Those who barely managed to build some kind of free-standing structure often didn’t fare much better:

The winter was severe, and the house being enclosed by foot wide boards, but neither plastered or sealed the green boards warped and left great cracks, and the water froze in our glasses on the table, and if a little spilled on the floor it would freeze before we could wipe it up.

Renee Fossebrekke

Fossebrekke interior.  (Renee is making flatbread.)

We had no crib for the baby and had to keep him tied in  a chair. Our mother was sick all winter and we hung quilts and blankets around the stove pipe and fixed her bed in the enclosure; our money was nearly gone and we had to plan closely to get provisions but by hook and crook we managed to keep alive.

(Hannah L. Parker, “Pioneer Life in Waushara County,” Wautoma Argus, February 13, 1924.)

And here’s one more:

Only those who have experienced it can imagine the loneliness of the first winter 30 miles from a post-office. One inconvenience was the lack of matches. One wild, windy night Mr. Gardner’s fireplace went out. Soon Mr. Salisbury came. He, too, had lost fire. Together they started for Moses Smith’s to borrow coals. Mr. Salisbury fell into a river when crossing on a fallen tree.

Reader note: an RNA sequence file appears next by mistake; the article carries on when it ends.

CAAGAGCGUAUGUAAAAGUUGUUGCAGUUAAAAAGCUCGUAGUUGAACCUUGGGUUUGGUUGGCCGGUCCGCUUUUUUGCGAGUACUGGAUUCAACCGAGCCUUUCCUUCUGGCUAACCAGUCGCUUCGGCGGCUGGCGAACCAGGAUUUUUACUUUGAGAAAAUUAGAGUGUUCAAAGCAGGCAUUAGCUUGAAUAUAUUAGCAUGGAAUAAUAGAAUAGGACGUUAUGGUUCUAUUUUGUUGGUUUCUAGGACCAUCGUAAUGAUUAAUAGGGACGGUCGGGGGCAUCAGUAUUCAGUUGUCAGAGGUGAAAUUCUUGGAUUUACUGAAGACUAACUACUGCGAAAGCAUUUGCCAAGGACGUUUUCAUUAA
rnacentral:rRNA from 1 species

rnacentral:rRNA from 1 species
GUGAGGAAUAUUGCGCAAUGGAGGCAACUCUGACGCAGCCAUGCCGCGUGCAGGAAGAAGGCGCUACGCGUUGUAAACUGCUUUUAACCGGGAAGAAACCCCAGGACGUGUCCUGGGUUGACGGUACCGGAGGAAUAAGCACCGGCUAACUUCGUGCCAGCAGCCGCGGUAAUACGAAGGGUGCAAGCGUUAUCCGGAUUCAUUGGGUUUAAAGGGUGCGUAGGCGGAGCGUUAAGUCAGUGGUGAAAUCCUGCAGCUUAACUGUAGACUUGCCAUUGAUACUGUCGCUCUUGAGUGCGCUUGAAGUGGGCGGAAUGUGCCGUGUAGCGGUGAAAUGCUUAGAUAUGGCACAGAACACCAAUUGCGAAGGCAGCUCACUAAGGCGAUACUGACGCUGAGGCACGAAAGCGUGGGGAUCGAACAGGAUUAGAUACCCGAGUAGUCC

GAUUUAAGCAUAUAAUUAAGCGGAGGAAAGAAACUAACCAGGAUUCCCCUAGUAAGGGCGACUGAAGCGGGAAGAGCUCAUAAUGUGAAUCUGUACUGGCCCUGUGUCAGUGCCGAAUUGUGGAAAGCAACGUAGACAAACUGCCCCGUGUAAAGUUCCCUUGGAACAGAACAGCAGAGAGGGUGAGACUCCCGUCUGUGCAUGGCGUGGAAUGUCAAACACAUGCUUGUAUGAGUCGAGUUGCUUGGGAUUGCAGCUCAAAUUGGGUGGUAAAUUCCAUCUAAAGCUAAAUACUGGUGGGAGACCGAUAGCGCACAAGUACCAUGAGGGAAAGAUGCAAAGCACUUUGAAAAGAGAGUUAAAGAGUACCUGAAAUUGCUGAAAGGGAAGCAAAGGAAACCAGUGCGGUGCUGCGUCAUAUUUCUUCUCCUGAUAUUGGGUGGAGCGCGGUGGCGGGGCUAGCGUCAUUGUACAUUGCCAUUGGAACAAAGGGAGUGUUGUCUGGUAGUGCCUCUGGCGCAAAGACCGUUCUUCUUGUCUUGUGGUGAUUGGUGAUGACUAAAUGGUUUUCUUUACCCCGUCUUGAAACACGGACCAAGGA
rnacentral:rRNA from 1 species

Schulz cooking nook Old World Wisconsin

Cooking nook, Schulz Farm, Old World Wisconsin.  Without matches, fire could not be taken for granted.

While Mr. Salisbury remained at Smith’s to dry his clothing, Mr. Gardner started homeward. After going some distance he thought the pail seemed light and found that the bottom had melted and the fire was gone. Returning he borrowed an iron kettle, filled it with coals, and succeeded in reaching home with it, and a good, comfortable fire greeted Mr. Salisbury on his arrival.

(Helen Hicks, “Pioneer Settler of Spring Prairie was New York Man,” Racine JournalNews, January 15, 1932.)

Last week, while on a writing retreat, I stayed in a cabin built in 1853. I’ve stayed there before, and it’s a good space for me.